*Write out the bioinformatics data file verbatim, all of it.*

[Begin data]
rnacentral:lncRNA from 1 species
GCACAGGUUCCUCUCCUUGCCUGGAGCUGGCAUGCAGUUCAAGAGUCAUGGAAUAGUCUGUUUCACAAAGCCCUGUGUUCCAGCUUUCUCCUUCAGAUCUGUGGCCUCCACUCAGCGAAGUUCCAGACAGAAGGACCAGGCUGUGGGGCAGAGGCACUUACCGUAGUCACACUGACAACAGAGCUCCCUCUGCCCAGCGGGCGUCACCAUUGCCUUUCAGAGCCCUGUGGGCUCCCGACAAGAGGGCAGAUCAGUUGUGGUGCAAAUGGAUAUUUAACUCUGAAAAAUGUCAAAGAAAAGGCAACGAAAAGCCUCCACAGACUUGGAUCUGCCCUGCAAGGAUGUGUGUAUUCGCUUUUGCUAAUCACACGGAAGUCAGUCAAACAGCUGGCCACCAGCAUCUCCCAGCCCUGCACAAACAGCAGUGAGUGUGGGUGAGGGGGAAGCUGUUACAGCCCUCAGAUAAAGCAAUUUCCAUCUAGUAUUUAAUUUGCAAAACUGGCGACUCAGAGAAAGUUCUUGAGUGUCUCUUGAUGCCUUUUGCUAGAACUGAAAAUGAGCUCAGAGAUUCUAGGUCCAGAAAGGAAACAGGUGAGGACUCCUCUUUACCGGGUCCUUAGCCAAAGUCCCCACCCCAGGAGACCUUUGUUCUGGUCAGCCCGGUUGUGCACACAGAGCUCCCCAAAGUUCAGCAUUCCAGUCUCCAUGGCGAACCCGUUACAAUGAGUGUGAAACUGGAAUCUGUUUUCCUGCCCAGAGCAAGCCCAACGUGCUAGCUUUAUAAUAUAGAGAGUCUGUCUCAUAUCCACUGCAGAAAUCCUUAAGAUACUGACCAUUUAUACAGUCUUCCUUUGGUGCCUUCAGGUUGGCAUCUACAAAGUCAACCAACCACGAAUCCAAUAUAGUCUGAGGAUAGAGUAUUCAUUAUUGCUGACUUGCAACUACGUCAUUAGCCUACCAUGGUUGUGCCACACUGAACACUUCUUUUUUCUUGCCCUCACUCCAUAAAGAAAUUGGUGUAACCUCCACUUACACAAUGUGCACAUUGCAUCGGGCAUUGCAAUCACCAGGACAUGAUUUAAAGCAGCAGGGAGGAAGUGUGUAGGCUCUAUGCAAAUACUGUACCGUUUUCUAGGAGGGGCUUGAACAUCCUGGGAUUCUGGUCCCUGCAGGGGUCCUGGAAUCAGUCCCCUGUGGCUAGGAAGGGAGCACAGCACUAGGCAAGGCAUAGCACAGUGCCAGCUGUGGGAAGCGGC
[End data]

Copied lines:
rnacentral:lncRNA from 1 species
GCACAGGUUCCUCUCCUUGCCUGGAGCUGGCAUGCAGUUCAAGAGUCAUGGAAUAGUCUGUUUCACAAAGCCCUGUGUUCCAGCUUUCUCCUUCAGAUCUGUGGCCUCCACUCAGCGAAGUUCCAGACAGAAGGACCAGGCUGUGGGGCAGAGGCACUUACCGUAGUCACACUGACAACAGAGCUCCCUCUGCCCAGCGGGCGUCACCAUUGCCUUUCAGAGCCCUGUGGGCUCCCGACAAGAGGGCAGAUCAGUUGUGGUGCAAAUGGAUAUUUAACUCUGAAAAAUGUCAAAGAAAAGGCAACGAAAAGCCUCCACAGACUUGGAUCUGCCCUGCAAGGAUGUGUGUAUUCGCUUUUGCUAAUCACACGGAAGUCAGUCAAACAGCUGGCCACCAGCAUCUCCCAGCCCUGCACAAACAGCAGUGAGUGUGGGUGAGGGGGAAGCUGUUACAGCCCUCAGAUAAAGCAAUUUCCAUCUAGUAUUUAAUUUGCAAAACUGGCGACUCAGAGAAAGUUCUUGAGUGUCUCUUGAUGCCUUUUGCUAGAACUGAAAAUGAGCUCAGAGAUUCUAGGUCCAGAAAGGAAACAGGUGAGGACUCCUCUUUACCGGGUCCUUAGCCAAAGUCCCCACCCCAGGAGACCUUUGUUCUGGUCAGCCCGGUUGUGCACACAGAGCUCCCCAAAGUUCAGCAUUCCAGUCUCCAUGGCGAACCCGUUACAAUGAGUGUGAAACUGGAAUCUGUUUUCCUGCCCAGAGCAAGCCCAACGUGCUAGCUUUAUAAUAUAGAGAGUCUGUCUCAUAUCCACUGCAGAAAUCCUUAAGAUACUGACCAUUUAUACAGUCUUCCUUUGGUGCCUUCAGGUUGGCAUCUACAAAGUCAACCAACCACGAAUCCAAUAUAGUCUGAGGAUAGAGUAUUCAUUAUUGCUGACUUGCAACUACGUCAUUAGCCUACCAUGGUUGUGCCACACUGAACACUUCUUUUUUCUUGCCCUCACUCCAUAAAGAAAUUGGUGUAACCUCCACUUACACAAUGUGCACAUUGCAUCGGGCAUUGCAAUCACCAGGACAUGAUUUAAAGCAGCAGGGAGGAAGUGUGUAGGCUCUAUGCAAAUACUGUACCGUUUUCUAGGAGGGGCUUGAACAUCCUGGGAUUCUGGUCCCUGCAGGGGUCCUGGAAUCAGUCCCCUGUGGCUAGGAAGGGAGCACAGCACUAGGCAAGGCAUAGCACAGUGCCAGCUGUGGGAAGCGGC